- are headed on the job market (academic and “AltAc” jobs alike)
- looking to publish a book
- requesting/justifying external funding
- want to networking or community build in your field
If one or more of these is true for you, being on Twitter is important. And by that I mean the benefits you receive there can directly contribute to your professional goals.
Here’s the thing: not finding someone on social media isn’t a bad sign. But not finding a concrete online presence is.
People want to find what they’re looking for. As researchers and academics, we’re trained to exactly that.
How many Google deep dives have you done searching for an article not available from through your database access?
Here are some examples of when I have personally needed to Google someone:
- Before meeting them at a conference or networking event
- To know a bit about fellow conference panelists
- To learn about a colleague’s new book
- After meeting them, to find contact information
- To get in touch for a speaking engagement
People aren’t looking to spy on you.
Oftentimes, they’re looking for an answer to a question they have. Like “how can I get in touch?” Or, “Is this a good person to connect with?”
So, do you need to be on Twitter? No.
Do you need to be on social media? Probably not.
But, you do need some kind of online presence so people can connect with you when they need to. And, Twitter is a great way to do that.
You should know that Twitter is the best way to effectively share a message with a wide range of people. Sharing your article on Twitter means it’s more likely to be read, especially by people who don’t know you and aren’t already connected to you.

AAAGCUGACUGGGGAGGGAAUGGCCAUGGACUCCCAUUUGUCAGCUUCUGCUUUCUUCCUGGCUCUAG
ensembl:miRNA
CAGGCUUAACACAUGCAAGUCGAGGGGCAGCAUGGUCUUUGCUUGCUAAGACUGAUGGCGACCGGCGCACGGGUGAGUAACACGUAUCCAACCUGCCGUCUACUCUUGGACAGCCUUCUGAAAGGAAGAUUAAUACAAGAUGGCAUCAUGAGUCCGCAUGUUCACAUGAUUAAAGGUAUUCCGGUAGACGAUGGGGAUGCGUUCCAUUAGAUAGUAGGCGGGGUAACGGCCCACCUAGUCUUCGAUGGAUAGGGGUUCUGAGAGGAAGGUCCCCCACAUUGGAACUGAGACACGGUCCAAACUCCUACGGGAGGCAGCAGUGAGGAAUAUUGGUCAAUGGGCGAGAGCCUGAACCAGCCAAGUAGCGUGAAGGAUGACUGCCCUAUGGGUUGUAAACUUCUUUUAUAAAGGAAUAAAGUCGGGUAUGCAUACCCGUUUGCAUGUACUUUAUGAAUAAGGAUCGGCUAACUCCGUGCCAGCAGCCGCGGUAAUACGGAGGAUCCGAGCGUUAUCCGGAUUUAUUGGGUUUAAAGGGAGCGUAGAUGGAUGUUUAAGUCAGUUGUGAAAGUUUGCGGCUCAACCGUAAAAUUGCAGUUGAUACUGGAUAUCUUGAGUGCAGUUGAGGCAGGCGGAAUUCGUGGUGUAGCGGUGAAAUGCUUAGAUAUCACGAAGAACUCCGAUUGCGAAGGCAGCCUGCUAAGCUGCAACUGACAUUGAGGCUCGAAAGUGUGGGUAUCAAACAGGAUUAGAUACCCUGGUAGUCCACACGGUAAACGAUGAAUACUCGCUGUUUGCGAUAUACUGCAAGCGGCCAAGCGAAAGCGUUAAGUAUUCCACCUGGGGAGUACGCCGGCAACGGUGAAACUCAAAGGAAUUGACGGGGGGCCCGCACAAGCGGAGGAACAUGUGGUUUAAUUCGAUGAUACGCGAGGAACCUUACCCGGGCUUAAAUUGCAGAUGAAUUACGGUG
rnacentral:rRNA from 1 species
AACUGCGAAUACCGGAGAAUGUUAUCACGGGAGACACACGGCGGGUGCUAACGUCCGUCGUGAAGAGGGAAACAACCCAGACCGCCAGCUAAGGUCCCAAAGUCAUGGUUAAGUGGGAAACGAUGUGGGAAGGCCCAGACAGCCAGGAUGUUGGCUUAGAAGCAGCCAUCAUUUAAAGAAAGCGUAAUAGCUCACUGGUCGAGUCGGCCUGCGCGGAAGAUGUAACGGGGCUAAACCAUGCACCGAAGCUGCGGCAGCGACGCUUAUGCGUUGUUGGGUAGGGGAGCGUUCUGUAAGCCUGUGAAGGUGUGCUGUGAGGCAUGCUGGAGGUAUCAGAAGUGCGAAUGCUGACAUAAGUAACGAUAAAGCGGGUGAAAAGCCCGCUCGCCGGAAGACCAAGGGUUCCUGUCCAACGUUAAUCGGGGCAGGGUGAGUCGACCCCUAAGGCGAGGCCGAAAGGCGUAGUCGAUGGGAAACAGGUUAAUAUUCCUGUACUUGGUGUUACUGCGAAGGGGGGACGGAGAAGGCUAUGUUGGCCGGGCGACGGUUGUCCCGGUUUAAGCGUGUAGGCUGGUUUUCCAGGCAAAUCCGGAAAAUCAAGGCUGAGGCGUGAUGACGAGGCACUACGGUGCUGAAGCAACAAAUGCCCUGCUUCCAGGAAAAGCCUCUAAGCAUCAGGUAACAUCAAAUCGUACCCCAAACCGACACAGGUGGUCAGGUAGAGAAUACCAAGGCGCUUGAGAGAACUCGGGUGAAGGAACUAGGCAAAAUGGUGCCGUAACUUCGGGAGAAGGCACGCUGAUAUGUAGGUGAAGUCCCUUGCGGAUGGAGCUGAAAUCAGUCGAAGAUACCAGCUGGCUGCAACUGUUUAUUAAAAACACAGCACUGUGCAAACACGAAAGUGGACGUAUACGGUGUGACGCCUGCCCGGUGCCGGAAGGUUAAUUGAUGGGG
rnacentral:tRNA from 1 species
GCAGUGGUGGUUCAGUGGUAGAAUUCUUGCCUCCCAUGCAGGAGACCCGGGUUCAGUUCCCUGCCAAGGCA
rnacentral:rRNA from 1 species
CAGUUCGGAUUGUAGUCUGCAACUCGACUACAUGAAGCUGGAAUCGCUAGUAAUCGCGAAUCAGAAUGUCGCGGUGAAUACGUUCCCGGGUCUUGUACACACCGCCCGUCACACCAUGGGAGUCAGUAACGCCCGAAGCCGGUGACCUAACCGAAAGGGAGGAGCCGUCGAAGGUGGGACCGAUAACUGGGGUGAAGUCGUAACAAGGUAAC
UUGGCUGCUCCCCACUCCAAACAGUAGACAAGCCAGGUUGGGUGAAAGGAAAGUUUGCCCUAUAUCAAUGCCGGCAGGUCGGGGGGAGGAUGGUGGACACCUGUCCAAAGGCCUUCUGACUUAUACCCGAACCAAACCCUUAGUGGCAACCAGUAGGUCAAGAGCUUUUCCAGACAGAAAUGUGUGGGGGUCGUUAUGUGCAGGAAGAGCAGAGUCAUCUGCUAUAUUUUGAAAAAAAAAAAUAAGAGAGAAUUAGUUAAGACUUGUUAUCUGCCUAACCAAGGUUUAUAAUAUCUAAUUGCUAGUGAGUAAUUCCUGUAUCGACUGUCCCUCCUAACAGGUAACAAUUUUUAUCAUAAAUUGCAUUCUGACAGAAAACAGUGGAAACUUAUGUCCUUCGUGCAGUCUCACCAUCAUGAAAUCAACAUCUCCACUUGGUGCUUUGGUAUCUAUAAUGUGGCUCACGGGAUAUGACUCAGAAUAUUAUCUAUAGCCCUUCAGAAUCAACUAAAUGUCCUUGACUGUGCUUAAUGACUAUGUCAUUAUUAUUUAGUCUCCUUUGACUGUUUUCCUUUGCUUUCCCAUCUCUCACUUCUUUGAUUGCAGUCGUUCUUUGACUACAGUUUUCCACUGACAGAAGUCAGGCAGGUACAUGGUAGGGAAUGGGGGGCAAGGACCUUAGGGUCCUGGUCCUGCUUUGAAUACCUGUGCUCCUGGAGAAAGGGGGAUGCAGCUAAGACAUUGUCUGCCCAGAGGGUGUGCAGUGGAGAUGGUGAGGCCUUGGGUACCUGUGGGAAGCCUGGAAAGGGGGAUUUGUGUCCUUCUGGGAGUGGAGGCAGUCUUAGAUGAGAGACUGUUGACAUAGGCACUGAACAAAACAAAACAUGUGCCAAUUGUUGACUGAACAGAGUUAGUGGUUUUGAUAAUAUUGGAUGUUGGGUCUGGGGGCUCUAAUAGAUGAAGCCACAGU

Why is Twitter a great place to share your research? The two actions which most help with this are like and retweet.
When someone likes your tweet about your new article, the people who follow that person who are online right now will see that. Those people will have opportunity to click on the link in your tweet and read it.
When someone retweets that same info, it has even more benefits. The people who follow that person will be able to see that asynchronously. That means there are even more chances for people to engage.
I train people on cross-platform social media. So my recommendation is that you share a new article on all your social media platforms.
On Twitter, I think you’ll find you can have greater overall reach. That means that more eyes will have opportunity to see what you share.
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Twitter is all about your audience